Having said all that I have made some tweaks to my investment portfolio over the last few months.

Locally, I topped up my contribution to my RA fund to make full use of the tax advantages. At present I am invested in a blend of funds comprising the Allan Gray Balanced Fund, Coronation Balanced Plus Fund, Foord Balanced Fund and Investec Opportunity Fund.

Over the next few months, I will be making some changes here. The combined investment and administration fees on this portfolio are around 1.8% per annum, excluding advisor fees. I’m really struggling to justify this when I can access index trackers like the Sygnia Skeleton 70 Fund, which has a 0.65% total cost. In my case, switching to this kind of fund would save me over R20 000 per year in fees – and it’s not like the actively managed funds have been outperforming of late.

On analysis of my offshore portfolio, it was clear that my equity component was quite heavily weighted towards developed markets, particularly the US and Europe. This mostly worked in my favour in 2018, with the US in particular performing relatively okay (the S&P 500 was down 4.4%) compared to emerging markets, which got pummelled (the MSCI Emerging Markets index dropped 14.5%).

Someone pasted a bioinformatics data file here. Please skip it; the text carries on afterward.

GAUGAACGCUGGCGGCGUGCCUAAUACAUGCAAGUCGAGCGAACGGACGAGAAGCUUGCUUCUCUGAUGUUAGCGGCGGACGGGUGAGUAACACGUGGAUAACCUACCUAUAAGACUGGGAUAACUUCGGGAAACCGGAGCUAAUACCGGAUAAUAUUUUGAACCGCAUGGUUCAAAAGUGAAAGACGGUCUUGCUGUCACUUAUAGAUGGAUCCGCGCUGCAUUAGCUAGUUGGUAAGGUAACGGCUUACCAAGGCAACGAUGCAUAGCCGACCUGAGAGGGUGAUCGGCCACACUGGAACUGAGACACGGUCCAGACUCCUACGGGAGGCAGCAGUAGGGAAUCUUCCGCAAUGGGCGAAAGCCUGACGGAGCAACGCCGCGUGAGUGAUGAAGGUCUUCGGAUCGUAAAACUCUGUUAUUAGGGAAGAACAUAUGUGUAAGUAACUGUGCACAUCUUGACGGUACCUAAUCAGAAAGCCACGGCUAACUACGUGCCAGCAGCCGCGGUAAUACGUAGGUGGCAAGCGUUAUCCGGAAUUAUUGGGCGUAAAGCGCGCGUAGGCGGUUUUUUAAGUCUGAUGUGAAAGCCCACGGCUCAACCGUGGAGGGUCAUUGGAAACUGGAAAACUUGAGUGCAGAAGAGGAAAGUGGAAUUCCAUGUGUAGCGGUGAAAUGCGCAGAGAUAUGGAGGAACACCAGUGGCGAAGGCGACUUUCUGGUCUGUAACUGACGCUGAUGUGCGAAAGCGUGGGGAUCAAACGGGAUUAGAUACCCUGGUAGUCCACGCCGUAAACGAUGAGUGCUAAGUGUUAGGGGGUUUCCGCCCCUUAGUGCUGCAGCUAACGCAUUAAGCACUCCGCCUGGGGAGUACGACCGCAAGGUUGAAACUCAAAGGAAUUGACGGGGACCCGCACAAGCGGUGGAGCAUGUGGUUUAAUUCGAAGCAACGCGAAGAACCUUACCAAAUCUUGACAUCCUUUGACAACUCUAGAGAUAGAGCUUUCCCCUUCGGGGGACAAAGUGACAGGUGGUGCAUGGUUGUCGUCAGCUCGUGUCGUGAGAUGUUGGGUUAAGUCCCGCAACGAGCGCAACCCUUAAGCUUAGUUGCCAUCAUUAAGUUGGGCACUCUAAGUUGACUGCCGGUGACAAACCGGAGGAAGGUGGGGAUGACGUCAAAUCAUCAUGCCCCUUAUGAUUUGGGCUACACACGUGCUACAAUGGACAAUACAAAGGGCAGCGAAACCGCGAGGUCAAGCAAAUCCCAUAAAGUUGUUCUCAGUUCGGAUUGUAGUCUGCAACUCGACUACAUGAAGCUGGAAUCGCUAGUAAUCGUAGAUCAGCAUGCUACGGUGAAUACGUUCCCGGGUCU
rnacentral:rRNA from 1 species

However, this was mostly fortuitous, rather than smart. I believe that while emerging market equities may technically have a riskier investment profile, failing to hold any is a risk in itself.

Lazard Asset Management sums it up quite well when it says; “Investors can hold emerging markets for tactical reasons, but we believe the emerging markets “story”—characterized by higher growth potential, stabilizing institutions, a rising middle class of consumers—remains valid, regardless of higher volatility and relatively short-term changes in investor confidence.”

At the same time, emerging markets look good from a valuations perspective. At the end of March 2019, the MSCI EM Index was at 13.4x trailing earnings, a discount of about 35% compared to US equities. This discount is wider than the average, which has historically hovered around 20%.

Lazard says that emerging markets equities also offer opportunities to pick up dividends for yield-hungry investors—the emerging markets dividend yield is about 2.9% compared to 2.1% for the S&P 500 Index.